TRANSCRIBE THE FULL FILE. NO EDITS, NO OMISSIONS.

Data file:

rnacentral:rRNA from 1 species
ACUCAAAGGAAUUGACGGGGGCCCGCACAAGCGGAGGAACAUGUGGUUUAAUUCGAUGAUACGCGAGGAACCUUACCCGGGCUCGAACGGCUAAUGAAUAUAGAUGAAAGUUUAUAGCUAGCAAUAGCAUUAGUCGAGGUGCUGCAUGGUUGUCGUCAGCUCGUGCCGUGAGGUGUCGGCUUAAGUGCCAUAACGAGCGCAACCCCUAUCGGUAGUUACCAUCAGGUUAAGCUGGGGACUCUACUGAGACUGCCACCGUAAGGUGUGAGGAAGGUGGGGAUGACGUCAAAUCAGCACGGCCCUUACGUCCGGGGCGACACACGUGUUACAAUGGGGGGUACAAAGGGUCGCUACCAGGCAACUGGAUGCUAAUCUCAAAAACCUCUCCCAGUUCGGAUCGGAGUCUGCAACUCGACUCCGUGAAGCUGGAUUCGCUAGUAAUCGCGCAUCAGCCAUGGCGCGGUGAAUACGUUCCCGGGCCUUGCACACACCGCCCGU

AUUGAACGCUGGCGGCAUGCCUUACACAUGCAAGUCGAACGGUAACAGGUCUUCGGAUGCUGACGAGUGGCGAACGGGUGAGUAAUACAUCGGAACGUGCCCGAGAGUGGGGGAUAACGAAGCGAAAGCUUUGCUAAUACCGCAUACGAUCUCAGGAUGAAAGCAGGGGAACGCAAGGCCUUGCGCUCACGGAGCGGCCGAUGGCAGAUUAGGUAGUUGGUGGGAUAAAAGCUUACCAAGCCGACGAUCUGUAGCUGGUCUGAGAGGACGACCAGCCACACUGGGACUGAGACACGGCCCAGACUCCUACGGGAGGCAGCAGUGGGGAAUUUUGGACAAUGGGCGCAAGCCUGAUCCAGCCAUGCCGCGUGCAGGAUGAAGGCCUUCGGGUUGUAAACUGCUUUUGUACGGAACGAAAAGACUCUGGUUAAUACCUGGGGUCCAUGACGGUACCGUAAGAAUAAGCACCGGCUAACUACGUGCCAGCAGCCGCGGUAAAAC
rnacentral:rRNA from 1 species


rnacentral:rRNA from 1 species
ACUCAAAGGAAUUGACGGGGGCCCGCACAAGCGGAGGAACAUGUGGUUUAAUUCGAUGAUACGCGAGGAACCUUACCCGGGCUCGAACGGCUAAUGAAUAUAGAUGAAAGUUUAUAGCUAGCAAUAGCAUUAGUCGAGGUGCUGCAUGGUUGUCGUCAGCUCGUGCCGUGAGGUGUCGGCUUAAGUGCCAUAACGAGCGCAACCCCUAUCGGUAGUUACCAUCAGGUUAAGCUGGGGACUCUACUGAGACUGCCACCGUAAGGUGUGAGGAAGGUGGGGAUGACGUCAAAUCAGCACGGCCCUUACGUCCGGGGCGACACACGUGUUACAAUGGGGGGUACAAAGGGUCGCUACCAGGCAACUGGAUGCUAAUCUCAAAAACCUCUCCCAGUUCGGAUCGGAGUCUGCAACUCGACUCCGUGAAGCUGGAUUCGCUAGUAAUCGCGCAUCAGCCAUGGCGCGGUGAAUACGUUCCCGGGCCUUGCACACACCGCCCGU

AUUGAACGCUGGCGGCAUGCCUUACACAUGCAAGUCGAACGGUAACAGGUCUUCGGAUGCUGACGAGUGGCGAACGGGUGAGUAAUACAUCGGAACGUGCCCGAGAGUGGGGGAUAACGAAGCGAAAGCUUUGCUAAUACCGCAUACGAUCUCAGGAUGAAAGCAGGGGAACGCAAGGCCUUGCGCUCACGGAGCGGCCGAUGGCAGAUUAGGUAGUUGGUGGGAUAAAAGCUUACCAAGCCGACGAUCUGUAGCUGGUCUGAGAGGACGACCAGCCACACUGGGACUGAGACACGGCCCAGACUCCUACGGGAGGCAGCAGUGGGGAAUUUUGGACAAUGGGCGCAAGCCUGAUCCAGCCAUGCCGCGUGCAGGAUGAAGGCCUUCGGGUUGUAAACUGCUUUUGUACGGAACGAAAAGACUCUGGUUAAUACCUGGGGUCCAUGACGGUACCGUAAGAAUAAGCACCGGCUAACUACGUGCCAGCAGCCGCGGUAAAAC
rnacentral:rRNA from 1 species